Six former Xerox executives settled civil charges that they misled investors about the office-equipment maker’s earnings to impress Wall Street and boost its stock price, the Securities and Exchange Commission said Thursday.
The executives paid a combined $22 million in penalties and restitution without admitting or denying the allegations, the SEC said in a complaint filed in New York federal court. The funds will be put into a court-ordered restitution fund for investors.
The SEC alleges the senior executives including former Chief Executive Paul A. Allaire, former Chief Financial Officer Barry D. Romeril, and former Chief Operating Officer G. Richard Thoman used accounting tricks that violated generally accepted principles to inflate profits from 1997 to 2000.
The complaint said Allaire, Romeril, and Thoman “set the tone at the top” by stressing the importance of Xerox meeting short-term earnings targets.
Romeril directed or allowed lower-ranking defendants in Xerox’s financial department to “close the gap” between the company’s actual results and Wall Street’s target, the SEC charged.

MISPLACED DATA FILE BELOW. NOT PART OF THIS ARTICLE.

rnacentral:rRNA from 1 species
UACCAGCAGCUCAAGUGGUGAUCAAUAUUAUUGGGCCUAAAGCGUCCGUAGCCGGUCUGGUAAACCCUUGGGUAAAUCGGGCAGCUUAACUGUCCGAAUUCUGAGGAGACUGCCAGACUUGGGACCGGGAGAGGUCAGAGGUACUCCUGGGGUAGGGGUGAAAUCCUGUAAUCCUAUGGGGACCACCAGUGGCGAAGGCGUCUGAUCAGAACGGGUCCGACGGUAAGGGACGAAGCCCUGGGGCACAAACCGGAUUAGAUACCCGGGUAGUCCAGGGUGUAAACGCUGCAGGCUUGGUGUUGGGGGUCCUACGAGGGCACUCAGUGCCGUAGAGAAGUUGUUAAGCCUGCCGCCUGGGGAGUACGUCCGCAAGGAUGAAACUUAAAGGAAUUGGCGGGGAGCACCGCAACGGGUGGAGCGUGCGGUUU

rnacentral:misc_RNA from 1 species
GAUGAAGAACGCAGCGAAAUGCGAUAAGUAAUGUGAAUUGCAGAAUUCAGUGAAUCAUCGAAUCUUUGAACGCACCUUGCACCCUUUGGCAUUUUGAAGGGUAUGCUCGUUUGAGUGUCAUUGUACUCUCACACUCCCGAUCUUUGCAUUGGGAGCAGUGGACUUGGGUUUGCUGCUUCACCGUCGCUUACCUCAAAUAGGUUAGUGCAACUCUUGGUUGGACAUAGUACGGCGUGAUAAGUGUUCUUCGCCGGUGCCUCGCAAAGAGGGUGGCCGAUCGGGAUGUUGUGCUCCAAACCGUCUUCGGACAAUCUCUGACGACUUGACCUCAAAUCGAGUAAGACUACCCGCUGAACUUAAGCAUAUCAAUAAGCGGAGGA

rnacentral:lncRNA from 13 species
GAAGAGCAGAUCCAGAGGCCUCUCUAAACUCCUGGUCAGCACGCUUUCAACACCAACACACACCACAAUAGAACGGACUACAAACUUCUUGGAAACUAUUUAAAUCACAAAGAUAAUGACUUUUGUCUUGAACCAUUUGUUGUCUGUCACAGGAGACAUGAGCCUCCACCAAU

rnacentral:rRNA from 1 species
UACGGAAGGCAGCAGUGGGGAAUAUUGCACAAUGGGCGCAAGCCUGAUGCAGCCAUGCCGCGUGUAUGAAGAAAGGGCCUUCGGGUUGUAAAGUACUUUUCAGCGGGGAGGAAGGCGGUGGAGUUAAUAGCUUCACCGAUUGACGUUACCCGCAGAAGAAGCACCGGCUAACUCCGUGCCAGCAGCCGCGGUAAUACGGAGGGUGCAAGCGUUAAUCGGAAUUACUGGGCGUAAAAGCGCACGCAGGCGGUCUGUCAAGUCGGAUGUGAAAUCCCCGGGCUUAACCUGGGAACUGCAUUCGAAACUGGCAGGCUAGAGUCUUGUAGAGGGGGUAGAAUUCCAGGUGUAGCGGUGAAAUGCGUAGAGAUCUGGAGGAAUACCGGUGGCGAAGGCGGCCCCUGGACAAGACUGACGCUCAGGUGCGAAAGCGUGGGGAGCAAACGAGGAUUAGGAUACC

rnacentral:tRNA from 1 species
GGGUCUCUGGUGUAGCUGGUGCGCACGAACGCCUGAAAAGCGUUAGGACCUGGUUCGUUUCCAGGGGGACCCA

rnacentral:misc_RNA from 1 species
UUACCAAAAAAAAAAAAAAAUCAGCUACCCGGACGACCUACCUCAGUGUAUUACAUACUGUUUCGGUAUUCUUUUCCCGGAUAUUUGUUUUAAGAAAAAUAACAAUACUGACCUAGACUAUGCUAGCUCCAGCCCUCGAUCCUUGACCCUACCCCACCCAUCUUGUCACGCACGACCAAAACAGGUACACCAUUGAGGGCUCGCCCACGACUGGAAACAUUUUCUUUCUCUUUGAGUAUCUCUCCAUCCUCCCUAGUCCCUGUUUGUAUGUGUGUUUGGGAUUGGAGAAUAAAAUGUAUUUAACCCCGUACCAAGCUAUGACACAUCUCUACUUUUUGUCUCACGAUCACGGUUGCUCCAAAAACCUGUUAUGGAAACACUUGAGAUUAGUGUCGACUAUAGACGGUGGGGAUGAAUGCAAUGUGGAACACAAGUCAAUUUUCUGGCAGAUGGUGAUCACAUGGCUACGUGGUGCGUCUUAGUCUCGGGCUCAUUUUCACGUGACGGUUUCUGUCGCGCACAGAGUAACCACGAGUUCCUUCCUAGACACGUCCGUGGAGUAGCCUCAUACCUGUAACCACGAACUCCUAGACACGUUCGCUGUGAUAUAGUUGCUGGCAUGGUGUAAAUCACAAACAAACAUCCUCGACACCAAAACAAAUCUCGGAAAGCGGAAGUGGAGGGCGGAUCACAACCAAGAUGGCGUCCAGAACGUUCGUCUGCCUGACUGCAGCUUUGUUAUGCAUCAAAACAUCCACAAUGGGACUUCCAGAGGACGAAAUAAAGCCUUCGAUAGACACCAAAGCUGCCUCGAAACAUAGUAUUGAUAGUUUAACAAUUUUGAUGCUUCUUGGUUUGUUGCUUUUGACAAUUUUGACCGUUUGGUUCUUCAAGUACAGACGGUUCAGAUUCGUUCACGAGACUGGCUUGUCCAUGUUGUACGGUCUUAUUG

“A public company’s stock price should reflect economic reality, not a distortion of that reality,” said SEC Enforcement Chief Stephen Cutler. “Xerox’s senior management substituted accounting devices for the company’s true operational performance.”
Others named in the suit were former controller Philip Fishbach, former assistant controller Daniel Marchibroda, and former director of accounting policy Gregory Tayler.
Allaire and Romeril, now retired, “decided to put this issue behind them and get on with their lives rather than undertake lengthy and expensive litigation of the issues,” their attorney, Andrew Vollmer, said in a statement.
The settlement is subject to court approval.
In April 2002, Xerox paid $10 million to settle SEC charges over violations of antifraud and financial reporting provisions of the securities laws. The company also agreed to restate its financial results.
KPMG, Xerox’s former auditor also charged in a separate suit, is contesting the allegations.